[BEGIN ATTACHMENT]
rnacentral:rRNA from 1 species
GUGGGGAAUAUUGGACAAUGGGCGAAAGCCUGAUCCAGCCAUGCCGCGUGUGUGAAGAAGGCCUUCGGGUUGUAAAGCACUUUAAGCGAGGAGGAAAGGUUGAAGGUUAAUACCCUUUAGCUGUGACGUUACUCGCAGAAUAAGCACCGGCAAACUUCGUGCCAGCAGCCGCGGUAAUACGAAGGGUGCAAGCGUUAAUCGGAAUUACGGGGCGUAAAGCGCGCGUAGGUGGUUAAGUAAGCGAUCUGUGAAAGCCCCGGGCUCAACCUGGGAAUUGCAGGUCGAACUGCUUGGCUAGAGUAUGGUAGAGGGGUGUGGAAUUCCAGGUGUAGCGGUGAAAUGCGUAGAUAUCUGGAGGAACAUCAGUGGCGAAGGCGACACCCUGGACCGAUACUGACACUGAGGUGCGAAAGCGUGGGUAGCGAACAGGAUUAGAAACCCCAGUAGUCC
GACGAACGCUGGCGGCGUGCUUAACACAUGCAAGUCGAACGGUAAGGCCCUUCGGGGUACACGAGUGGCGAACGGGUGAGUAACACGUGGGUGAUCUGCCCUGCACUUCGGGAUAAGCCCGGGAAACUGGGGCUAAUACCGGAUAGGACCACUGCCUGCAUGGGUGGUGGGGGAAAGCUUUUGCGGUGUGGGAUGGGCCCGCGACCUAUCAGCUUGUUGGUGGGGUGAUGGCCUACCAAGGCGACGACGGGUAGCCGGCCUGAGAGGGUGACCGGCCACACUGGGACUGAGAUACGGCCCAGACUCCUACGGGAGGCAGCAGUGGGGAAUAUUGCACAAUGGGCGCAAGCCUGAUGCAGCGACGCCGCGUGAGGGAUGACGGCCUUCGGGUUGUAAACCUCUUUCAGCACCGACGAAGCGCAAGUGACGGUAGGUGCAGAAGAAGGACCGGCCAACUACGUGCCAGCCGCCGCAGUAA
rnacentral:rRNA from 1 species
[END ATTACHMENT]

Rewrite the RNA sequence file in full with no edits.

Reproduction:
rnacentral:rRNA from 1 species
GUGGGGAAUAUUGGACAAUGGGCGAAAGCCUGAUCCAGCCAUGCCGCGUGUGUGAAGAAGGCCUUCGGGUUGUAAAGCACUUUAAGCGAGGAGGAAAGGUUGAAGGUUAAUACCCUUUAGCUGUGACGUUACUCGCAGAAUAAGCACCGGCAAACUUCGUGCCAGCAGCCGCGGUAAUACGAAGGGUGCAAGCGUUAAUCGGAAUUACGGGGCGUAAAGCGCGCGUAGGUGGUUAAGUAAGCGAUCUGUGAAAGCCCCGGGCUCAACCUGGGAAUUGCAGGUCGAACUGCUUGGCUAGAGUAUGGUAGAGGGGUGUGGAAUUCCAGGUGUAGCGGUGAAAUGCGUAGAUAUCUGGAGGAACAUCAGUGGCGAAGGCGACACCCUGGACCGAUACUGACACUGAGGUGCGAAAGCGUGGGUAGCGAACAGGAUUAGAAACCCCAGUAGUCC
GACGAACGCUGGCGGCGUGCUUAACACAUGCAAGUCGAACGGUAAGGCCCUUCGGGGUACACGAGUGGCGAACGGGUGAGUAACACGUGGGUGAUCUGCCCUGCACUUCGGGAUAAGCCCGGGAAACUGGGGCUAAUACCGGAUAGGACCACUGCCUGCAUGGGUGGUGGGGGAAAGCUUUUGCGGUGUGGGAUGGGCCCGCGACCUAUCAGCUUGUUGGUGGGGUGAUGGCCUACCAAGGCGACGACGGGUAGCCGGCCUGAGAGGGUGACCGGCCACACUGGGACUGAGAUACGGCCCAGACUCCUACGGGAGGCAGCAGUGGGGAAUAUUGCACAAUGGGCGCAAGCCUGAUGCAGCGACGCCGCGUGAGGGAUGACGGCCUUCGGGUUGUAAACCUCUUUCAGCACCGACGAAGCGCAAGUGACGGUAGGUGCAGAAGAAGGACCGGCCAACUACGUGCCAGCCGCCGCAGUAA
rnacentral:rRNA from 1 species